“It isn’t a difference in scheme, it’s different from a year ago in terms of emphasis and commitment and holding guys accountable to what we’re doing on the defensive end of the floor,” Jacobson says. “Last year I got away from it — I wished I wouldn’t have — and this year we’ve went back to it and it’s paying off for us.”
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Getting skilled players to a program is only half the battle. So to suggest that Wichita State’s success comes solely from overlooked talent is a disservice to Marshall’s ability to get them to play hard and play together. The Shockers have rarely entered a game with a glaring, exploitable weakness. Marshall estimates he splits his time on the three main areas of the game — offense, defense, and rebounding — roughly 40/50/10 in practice. But even with that balance, the Shockers offense has developed into an entertaining hybrid of old-school motion — think Bob Knight at Indiana — and a new-ish pick-and-roll attack Marshall picked up from one of his assistant coaches.
“I learned the ball-screen stuff from my former assistant coach who’s now the head coach at Bowling Green State University, Chris Jans. He’d run this ball-screen offense we called ‘Bounce,’” Marshall says. “We probably deploy that at least 50 percent of the time now.”
Pick-and-rolls with a savvy playmaker like VanVleet being flanked by a dead-eye shooter like Baker pose a number of problems for opposing defenses. Marshall stresses that his teams look for what he calls the “roll up” guy, the player lifting behind the screener as he dives toward the basket. That “roll up” or “lift” action is such a nuisance that NBA teams actually have built-in sets to get dual-threat players — wings who can both shoot and attack the rim — in that position. Here’s a set the Dallas Mavericks run for Chandler Parsons using the “roll up” concept:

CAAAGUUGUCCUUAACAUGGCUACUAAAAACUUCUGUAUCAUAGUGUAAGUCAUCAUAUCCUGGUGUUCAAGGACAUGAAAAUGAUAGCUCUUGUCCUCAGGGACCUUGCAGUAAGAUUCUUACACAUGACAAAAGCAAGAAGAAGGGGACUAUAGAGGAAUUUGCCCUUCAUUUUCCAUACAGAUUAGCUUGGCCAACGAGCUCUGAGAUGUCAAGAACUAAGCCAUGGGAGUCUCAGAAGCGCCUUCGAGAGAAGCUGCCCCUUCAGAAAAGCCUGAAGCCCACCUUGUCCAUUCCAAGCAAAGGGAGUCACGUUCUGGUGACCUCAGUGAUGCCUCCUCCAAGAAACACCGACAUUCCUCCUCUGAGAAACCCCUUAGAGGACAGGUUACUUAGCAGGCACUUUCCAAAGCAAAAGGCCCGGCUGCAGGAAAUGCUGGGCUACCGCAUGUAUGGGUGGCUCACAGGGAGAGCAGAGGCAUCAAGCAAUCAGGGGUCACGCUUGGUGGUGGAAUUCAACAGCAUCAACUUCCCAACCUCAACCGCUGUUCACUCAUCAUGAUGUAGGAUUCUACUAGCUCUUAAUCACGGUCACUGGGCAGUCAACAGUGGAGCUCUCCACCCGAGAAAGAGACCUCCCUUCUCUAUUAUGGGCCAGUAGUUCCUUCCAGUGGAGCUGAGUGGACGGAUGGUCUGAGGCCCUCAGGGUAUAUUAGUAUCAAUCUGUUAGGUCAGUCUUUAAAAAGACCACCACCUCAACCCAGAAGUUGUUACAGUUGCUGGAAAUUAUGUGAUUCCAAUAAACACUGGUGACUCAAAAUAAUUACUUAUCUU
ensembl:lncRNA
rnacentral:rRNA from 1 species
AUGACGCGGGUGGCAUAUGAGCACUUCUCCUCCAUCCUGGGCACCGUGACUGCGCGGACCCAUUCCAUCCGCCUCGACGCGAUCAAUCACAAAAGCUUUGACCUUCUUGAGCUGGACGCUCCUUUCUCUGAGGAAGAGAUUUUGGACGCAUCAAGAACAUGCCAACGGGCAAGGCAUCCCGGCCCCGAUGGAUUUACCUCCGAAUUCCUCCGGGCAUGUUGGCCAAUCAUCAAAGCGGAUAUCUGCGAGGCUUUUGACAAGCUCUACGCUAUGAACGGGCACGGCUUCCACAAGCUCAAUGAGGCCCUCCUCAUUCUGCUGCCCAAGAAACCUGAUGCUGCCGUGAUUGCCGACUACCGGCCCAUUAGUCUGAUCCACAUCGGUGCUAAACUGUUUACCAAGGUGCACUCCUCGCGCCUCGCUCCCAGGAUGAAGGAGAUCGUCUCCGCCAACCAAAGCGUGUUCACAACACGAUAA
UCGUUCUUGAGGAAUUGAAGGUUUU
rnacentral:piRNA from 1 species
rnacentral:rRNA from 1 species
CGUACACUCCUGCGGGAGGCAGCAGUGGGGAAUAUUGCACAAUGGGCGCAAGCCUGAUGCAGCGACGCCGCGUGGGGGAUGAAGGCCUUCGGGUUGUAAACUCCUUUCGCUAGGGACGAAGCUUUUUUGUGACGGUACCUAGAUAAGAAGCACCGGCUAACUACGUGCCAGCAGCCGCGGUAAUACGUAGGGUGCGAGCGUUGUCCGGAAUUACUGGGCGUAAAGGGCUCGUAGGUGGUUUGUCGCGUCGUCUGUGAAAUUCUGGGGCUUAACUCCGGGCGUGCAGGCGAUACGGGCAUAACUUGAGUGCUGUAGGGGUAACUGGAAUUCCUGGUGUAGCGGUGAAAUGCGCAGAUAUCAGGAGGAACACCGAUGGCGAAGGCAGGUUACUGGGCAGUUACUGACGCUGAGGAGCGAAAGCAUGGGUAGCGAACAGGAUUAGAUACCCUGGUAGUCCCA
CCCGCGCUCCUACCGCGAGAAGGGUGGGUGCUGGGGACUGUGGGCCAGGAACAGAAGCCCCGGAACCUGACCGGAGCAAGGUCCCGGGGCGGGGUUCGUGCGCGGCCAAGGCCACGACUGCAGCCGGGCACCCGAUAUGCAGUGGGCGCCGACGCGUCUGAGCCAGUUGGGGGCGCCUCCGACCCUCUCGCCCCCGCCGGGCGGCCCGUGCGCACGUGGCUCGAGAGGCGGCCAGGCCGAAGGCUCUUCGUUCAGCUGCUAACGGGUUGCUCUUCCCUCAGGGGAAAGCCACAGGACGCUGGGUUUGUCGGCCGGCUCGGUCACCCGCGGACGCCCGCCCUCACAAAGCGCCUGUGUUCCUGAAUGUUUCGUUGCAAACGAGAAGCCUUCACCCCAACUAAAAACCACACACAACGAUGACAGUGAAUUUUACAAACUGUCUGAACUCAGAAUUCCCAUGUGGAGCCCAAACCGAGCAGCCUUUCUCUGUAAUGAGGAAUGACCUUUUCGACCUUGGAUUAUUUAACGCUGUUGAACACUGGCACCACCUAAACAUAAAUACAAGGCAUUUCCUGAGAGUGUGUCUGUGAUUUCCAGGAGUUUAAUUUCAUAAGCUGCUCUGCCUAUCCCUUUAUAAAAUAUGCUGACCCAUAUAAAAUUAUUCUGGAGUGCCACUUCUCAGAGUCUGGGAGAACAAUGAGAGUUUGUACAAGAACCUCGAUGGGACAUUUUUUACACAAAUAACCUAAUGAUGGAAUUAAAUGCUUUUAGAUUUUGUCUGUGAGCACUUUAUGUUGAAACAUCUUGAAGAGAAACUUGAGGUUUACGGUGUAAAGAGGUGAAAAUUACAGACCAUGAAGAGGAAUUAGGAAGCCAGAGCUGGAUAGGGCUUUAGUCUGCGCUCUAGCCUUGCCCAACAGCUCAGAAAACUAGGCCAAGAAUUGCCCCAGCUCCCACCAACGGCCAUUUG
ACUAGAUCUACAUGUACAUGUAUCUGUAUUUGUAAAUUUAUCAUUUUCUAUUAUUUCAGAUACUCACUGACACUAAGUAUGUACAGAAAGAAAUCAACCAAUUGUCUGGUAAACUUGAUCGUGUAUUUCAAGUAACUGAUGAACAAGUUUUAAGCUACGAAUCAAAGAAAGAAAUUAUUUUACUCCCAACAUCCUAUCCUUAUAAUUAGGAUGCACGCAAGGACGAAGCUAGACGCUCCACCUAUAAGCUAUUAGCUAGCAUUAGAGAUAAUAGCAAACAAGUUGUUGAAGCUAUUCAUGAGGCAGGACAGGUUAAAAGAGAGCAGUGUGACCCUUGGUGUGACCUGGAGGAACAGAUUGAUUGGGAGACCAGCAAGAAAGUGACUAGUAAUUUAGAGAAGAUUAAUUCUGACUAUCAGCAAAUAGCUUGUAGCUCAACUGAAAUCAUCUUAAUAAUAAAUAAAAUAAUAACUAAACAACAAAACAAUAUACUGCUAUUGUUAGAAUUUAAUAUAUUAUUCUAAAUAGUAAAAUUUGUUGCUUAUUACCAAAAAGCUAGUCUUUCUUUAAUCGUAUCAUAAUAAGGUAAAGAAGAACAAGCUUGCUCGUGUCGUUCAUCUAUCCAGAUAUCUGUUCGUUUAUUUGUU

When that “roll up” guy is Baker, Wichita State’s opponents are left with the difficult decision of either letting the rolling big man go unchecked as he barrels toward the rim or leaving one of college basketball’s best shooters open on the perimeter. And if you give Baker any space, he does this:
When the pick-and-roll attack isn’t a good fit against Wichita State’s opponent, Marshall falls back on set plays or the motion offense that he learned from Hal Nunnally, the coach he both played and worked for at Randolph-Macon. It all adds up to a team that is an offensive wrecking ball — it ranks 18th in efficiency — and an enjoyable watch for modern NBA lovers and old-school purists alike.
“With as much basketball as we [coaches] watch, there’s very little I would pay to watch.” Marshall says. “But there are certain players and certain teams that you’d pay to watch play. And when people say that about your team, it’s pretty cool.”
People are certainly willing to pay to watch Saturday’s game as well. And with all the conference reshuffling over the past few seasons, it’s sort of hard to believe there’s another potential top-10 team not named Gonzaga outside one of the power conferences. Yet these two programs located in unassuming Midwestern cities are doing their best to show they can keep up with the big-name brands in college basketball. And even though one of them is going to lose the game, a major top-25 battle between two Missouri Valley schools? That’s pretty cool, too.
Brett Koremenos (@BKoremenos) is a freelance writer who has worked with athletes from high school to the professional level.